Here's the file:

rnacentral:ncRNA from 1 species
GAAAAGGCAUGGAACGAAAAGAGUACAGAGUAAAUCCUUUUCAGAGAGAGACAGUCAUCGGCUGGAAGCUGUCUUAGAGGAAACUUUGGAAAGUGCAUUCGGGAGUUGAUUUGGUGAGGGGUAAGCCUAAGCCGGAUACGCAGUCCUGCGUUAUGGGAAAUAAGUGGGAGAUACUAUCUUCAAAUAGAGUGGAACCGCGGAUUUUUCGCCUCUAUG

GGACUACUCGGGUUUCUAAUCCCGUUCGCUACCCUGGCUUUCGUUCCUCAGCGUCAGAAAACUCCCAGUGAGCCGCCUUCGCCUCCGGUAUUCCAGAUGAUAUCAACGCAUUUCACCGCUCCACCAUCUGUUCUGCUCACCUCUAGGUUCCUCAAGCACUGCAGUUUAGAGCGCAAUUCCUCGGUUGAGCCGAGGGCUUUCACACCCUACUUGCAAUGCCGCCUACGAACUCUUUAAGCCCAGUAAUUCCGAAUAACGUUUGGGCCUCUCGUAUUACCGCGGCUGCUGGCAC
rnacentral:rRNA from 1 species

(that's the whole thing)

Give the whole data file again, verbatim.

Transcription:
rnacentral:ncRNA from 1 species
GAAAAGGCAUGGAACGAAAAGAGUACAGAGUAAAUCCUUUUCAGAGAGAGACAGUCAUCGGCUGGAAGCUGUCUUAGAGGAAACUUUGGAAAGUGCAUUCGGGAGUUGAUUUGGUGAGGGGUAAGCCUAAGCCGGAUACGCAGUCCUGCGUUAUGGGAAAUAAGUGGGAGAUACUAUCUUCAAAUAGAGUGGAACCGCGGAUUUUUCGCCUCUAUG

GGACUACUCGGGUUUCUAAUCCCGUUCGCUACCCUGGCUUUCGUUCCUCAGCGUCAGAAAACUCCCAGUGAGCCGCCUUCGCCUCCGGUAUUCCAGAUGAUAUCAACGCAUUUCACCGCUCCACCAUCUGUUCUGCUCACCUCUAGGUUCCUCAAGCACUGCAGUUUAGAGCGCAAUUCCUCGGUUGAGCCGAGGGCUUUCACACCCUACUUGCAAUGCCGCCUACGAACUCUUUAAGCCCAGUAAUUCCGAAUAACGUUUGGGCCUCUCGUAUUACCGCGGCUGCUGGCAC
rnacentral:rRNA from 1 species